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Trisuli River

     Just out of Kathmandu, the Trisuli is where the bulk of the commercial trips operate due to the easy access. Without a doubt this is the cheapest trip available in Nepal - if you sign onto a $20 a day raft trip, this is where you'll end up, and it's no wonder.

     What makes the Trisuli so cheap is also what makes it one of the least desirable rafting trips in the country. The easy access is provided by the Prithvi Hwy, which is the only highway connecting Kathmandu and India, and it runs right alongside the river. During most flows the rapids are straightforward and spread well apart. The large number of companies operating on the river drives the prices down, but it also detracts considerably from the experience of the trip. Beaches are often heavily used and abused, with garbage, toilet paper and fire pits well assimilated into the sand. This, combined with the noise and pollution of the highway, makes the Trisuli a less than ideal rafting experience.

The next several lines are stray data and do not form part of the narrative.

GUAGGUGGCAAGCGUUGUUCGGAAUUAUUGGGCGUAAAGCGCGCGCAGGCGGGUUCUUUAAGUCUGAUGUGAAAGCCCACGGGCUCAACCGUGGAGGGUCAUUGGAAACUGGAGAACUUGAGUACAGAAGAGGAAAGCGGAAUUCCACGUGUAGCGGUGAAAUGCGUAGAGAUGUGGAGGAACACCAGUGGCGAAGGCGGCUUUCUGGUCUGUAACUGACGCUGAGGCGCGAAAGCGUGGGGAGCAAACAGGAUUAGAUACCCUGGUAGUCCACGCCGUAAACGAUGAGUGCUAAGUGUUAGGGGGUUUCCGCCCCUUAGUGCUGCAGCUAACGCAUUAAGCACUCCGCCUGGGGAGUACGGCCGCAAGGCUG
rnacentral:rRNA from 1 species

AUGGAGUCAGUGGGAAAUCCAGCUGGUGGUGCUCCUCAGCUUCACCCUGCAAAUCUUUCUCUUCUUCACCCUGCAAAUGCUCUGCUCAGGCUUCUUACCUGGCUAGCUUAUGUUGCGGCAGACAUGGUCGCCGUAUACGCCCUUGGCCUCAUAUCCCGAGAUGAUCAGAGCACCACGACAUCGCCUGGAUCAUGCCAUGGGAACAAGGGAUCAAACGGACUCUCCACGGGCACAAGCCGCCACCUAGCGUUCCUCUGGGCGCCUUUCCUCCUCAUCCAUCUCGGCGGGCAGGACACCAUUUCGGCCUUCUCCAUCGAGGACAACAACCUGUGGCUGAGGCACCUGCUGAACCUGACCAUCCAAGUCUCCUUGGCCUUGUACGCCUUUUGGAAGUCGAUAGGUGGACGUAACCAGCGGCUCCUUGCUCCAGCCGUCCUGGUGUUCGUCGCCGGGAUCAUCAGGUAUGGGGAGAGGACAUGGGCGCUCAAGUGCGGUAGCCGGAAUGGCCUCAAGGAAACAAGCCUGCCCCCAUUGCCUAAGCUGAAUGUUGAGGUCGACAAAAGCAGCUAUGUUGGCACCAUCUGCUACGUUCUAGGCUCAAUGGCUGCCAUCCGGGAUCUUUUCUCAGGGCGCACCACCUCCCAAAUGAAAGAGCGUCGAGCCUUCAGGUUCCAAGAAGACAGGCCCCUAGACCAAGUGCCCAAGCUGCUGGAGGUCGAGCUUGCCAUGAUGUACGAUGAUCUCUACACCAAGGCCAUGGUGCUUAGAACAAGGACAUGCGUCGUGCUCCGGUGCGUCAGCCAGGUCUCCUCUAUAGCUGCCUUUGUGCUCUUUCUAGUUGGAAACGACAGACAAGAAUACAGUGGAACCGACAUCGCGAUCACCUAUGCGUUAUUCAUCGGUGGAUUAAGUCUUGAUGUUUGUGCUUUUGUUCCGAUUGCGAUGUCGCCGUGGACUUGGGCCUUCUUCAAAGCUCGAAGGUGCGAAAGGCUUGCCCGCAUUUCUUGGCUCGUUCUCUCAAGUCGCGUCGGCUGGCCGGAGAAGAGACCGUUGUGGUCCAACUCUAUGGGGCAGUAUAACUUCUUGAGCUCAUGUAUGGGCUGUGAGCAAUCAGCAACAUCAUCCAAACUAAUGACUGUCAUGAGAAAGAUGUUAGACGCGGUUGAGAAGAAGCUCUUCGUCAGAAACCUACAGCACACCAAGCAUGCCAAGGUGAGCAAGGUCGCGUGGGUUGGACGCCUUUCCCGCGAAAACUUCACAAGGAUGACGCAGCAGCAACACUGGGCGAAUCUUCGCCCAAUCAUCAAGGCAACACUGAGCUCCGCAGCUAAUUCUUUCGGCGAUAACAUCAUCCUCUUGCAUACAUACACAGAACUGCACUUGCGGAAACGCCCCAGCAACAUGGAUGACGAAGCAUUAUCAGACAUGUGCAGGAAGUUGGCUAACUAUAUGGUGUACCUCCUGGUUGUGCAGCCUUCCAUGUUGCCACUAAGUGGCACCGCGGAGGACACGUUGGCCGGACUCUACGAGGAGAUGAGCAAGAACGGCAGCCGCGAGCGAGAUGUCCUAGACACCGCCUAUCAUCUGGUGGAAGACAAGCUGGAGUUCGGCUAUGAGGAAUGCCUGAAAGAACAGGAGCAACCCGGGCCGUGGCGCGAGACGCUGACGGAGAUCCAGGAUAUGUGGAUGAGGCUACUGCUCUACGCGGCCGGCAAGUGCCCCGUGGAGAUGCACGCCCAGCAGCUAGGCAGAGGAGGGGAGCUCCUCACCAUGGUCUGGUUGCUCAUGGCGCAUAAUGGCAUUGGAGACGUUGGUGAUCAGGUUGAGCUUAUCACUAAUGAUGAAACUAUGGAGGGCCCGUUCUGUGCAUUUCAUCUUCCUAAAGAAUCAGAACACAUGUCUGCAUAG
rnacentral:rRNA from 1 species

It's not all bad news though. During the monsoon months the Trisuli changes character completely as huge run-offs make the river swell and shear like an immense ribbon of churning ocean. There are fewer companies running at this time of the year, and the garbage and excrement of the past season is well on it's way to Bangladesh as topsoil.

The best white water is found on the section between Baireni and Mugling, and trips on the Trisuli can be combined with trips to Pokhara or Chitwan.

                                                                              
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Kali Gandaki River

    The Kali Gandaki is an excellent alternative to the Trisuli, as there is no road alongside, and the scenery, villages, and temples all combine to make it a great trip.